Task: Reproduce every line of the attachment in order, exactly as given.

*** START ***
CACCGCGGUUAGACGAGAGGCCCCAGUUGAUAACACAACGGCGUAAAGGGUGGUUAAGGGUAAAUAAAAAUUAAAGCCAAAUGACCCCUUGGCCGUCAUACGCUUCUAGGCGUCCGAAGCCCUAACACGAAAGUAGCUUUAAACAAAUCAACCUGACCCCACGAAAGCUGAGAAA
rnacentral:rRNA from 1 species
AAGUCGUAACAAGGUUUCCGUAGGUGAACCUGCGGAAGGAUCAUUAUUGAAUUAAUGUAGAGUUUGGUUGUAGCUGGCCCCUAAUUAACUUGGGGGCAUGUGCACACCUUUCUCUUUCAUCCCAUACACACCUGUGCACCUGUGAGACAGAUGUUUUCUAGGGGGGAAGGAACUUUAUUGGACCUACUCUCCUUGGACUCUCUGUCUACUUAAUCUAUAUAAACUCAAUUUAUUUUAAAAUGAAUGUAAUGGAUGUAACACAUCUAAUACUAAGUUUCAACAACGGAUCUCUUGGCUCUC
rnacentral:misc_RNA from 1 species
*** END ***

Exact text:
CACCGCGGUUAGACGAGAGGCCCCAGUUGAUAACACAACGGCGUAAAGGGUGGUUAAGGGUAAAUAAAAAUUAAAGCCAAAUGACCCCUUGGCCGUCAUACGCUUCUAGGCGUCCGAAGCCCUAACACGAAAGUAGCUUUAAACAAAUCAACCUGACCCCACGAAAGCUGAGAAA
rnacentral:rRNA from 1 species
AAGUCGUAACAAGGUUUCCGUAGGUGAACCUGCGGAAGGAUCAUUAUUGAAUUAAUGUAGAGUUUGGUUGUAGCUGGCCCCUAAUUAACUUGGGGGCAUGUGCACACCUUUCUCUUUCAUCCCAUACACACCUGUGCACCUGUGAGACAGAUGUUUUCUAGGGGGGAAGGAACUUUAUUGGACCUACUCUCCUUGGACUCUCUGUCUACUUAAUCUAUAUAAACUCAAUUUAUUUUAAAAUGAAUGUAAUGGAUGUAACACAUCUAAUACUAAGUUUCAACAACGGAUCUCUUGGCUCUC
rnacentral:misc_RNA from 1 species